Note the resolution I'm using: this makes the most of the memory I have available. Neither the name of the display mode (800x600) nor the frequency spec of the dot clock seem to make any difference to the config routines: they just use the values as IDs to find the resource required. 800x655 uses a total of 524000 bytes of refresh memory, which leaves 288 bytes unused. The monitor will do 1280x1024, so I don't need to limit the on-screen display.
What didn't work
The big problem I had, apart from getting the system to run at all, was that stopping the server, either by stopping the last window or ctrl-alt-bs, would leave the screen in an indeterminate state. I still don't know a way around that.
Another thing that didn't work was the resolution scrolling advertised with ctrl-alt-grey +. Nothing at all happened. If I specified more than one possible display format, it always took the last one.
I included xhosts + in my startup .xinitrc, and the server registered the fact and stated that all hosts had access, but I couldn't start a window from an ISC machine. There may be other reasons behind this, of course, and I intend to investigate them.
I got hold of a 1MB ET 4000-based VGA and put it in the machine, but had the same effect that the Adaptec 1542B no longer ran the BIOS, so I couldn't boot. Has anybody else seen this? The board I had was an Iris VGA ET4000.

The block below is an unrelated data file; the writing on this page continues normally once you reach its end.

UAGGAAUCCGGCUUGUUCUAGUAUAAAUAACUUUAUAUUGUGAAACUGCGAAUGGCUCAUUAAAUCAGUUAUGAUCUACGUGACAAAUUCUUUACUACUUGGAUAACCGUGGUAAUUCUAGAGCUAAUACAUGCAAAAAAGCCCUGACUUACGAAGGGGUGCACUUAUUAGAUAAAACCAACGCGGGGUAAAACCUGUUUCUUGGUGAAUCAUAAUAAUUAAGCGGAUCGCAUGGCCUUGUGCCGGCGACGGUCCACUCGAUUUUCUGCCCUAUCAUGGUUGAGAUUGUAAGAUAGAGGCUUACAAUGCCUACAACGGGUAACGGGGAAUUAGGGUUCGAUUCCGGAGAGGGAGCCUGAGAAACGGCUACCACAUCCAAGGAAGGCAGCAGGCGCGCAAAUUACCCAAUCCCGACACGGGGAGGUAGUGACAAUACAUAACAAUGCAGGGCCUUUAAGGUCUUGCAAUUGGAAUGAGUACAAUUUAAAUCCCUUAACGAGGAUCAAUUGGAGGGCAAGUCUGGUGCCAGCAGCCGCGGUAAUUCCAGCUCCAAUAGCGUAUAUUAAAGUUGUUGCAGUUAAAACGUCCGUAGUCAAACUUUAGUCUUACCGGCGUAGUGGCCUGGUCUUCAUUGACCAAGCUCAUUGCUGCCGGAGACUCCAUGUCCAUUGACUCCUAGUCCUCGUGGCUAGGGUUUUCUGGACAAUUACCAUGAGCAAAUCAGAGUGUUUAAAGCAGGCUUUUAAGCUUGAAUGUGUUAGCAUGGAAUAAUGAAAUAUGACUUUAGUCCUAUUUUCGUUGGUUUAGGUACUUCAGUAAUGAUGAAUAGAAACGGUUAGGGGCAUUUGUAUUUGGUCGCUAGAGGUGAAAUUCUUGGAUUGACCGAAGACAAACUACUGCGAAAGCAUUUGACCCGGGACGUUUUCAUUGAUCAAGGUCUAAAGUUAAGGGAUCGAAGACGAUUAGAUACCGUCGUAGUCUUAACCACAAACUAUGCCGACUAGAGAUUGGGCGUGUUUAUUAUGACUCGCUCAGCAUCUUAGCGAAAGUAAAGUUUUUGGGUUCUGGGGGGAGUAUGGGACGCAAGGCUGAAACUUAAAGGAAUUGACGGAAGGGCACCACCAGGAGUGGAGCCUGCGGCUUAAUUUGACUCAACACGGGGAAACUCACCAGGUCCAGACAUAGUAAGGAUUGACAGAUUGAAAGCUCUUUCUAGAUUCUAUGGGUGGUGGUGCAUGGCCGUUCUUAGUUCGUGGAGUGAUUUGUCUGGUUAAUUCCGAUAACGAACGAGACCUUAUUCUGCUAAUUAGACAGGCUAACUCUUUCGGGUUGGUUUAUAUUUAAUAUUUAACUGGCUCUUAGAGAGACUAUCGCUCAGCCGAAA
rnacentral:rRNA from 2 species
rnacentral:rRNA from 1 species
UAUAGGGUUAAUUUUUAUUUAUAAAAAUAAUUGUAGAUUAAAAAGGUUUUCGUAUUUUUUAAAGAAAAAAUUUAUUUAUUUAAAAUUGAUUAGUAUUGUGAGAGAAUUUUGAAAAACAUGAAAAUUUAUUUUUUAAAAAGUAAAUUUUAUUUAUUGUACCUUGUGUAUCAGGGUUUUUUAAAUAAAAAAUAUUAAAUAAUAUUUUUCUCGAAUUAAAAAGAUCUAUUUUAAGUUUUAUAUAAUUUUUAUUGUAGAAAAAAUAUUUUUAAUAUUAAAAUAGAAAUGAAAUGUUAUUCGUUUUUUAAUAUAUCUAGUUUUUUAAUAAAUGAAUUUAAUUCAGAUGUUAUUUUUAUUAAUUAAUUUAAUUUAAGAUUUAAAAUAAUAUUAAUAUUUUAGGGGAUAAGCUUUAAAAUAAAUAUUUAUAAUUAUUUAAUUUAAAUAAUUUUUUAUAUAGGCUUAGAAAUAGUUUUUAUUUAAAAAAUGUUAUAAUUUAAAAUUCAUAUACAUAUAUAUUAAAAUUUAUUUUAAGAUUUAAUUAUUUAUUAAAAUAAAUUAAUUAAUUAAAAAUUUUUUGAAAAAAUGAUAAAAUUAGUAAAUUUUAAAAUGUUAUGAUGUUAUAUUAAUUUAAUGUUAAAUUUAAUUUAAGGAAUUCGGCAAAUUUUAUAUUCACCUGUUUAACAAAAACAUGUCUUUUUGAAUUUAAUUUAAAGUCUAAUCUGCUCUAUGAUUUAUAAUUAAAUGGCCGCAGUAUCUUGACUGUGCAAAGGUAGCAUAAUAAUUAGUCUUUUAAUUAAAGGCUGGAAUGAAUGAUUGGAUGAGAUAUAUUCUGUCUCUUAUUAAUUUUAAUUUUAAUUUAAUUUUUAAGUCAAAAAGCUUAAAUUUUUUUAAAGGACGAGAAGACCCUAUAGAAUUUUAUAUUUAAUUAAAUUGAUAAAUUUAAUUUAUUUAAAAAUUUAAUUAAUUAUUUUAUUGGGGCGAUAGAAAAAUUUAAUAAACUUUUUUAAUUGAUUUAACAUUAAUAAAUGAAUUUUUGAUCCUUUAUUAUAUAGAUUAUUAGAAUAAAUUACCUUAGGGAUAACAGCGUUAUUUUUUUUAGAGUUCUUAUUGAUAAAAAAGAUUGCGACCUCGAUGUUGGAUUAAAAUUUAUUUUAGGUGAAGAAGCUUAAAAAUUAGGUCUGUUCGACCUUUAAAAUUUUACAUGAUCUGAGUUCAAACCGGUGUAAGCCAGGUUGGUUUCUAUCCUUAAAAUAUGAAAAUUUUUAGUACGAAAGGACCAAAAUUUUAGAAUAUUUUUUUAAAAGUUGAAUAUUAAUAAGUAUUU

Keymaps still don't seem to be right. I'll investigate later, but xev shows that XLookupString will return the same values for an alphabetic key with or without the Alt key.
The server seems slow. I haven't had time to do any real tests - I'm happy enough that the ^&*(&* is running - but possibly the fact that the server is handling 8-bit pixels has a bearing here.
Still can't get telnet to work. Last time I tried, I couldn't get a telnetd started. Turned out inetd didn't have a path to it, so I linked it into /usr/sbin, and it started telnetd - and did nothing. If anybody has any comments on this, I'd be interested to hear them.
|Saturday, 21 March 1992||Schellnhausen|
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LEMIS Beta report, 21 March 1992
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Comparatively little to report today. A couple of minor problems turned up, a couple of problems solved themselves or at least mainfested themselves more clearly.
Permissions problem starting windows: only local root can open a window. This doesn't seem to be a net problem: turned out that remote root could also open the windows after X had been started under root. Starting under my own userid allowed normal access to all users.
The telnet problem, if not completely solved, turned out to be an incompatibility between Sun PC-NFS and BSDI. It works well from ISC to BSDI (except that ISC has a tendency for telnet to die with a ridiculous error message (no more processes) after some indeterminate time).
This is probably related to 2: I can mount UNIX file systems on a PC with PC-NFS, but I can't access directories. A cd to a directory will either do nothing or bring an error message saying "invalid directory".
On one occasion, the system just rebooted without any apparent warning or reason (I was doing something routine in the editor). This could be hardware, but the interesting thing was that, on reboot, fsck did not see any problems.
At the moment I'm doing some thinking about European keyboard mapping. Does anybody out there have any thoughts on how to do it?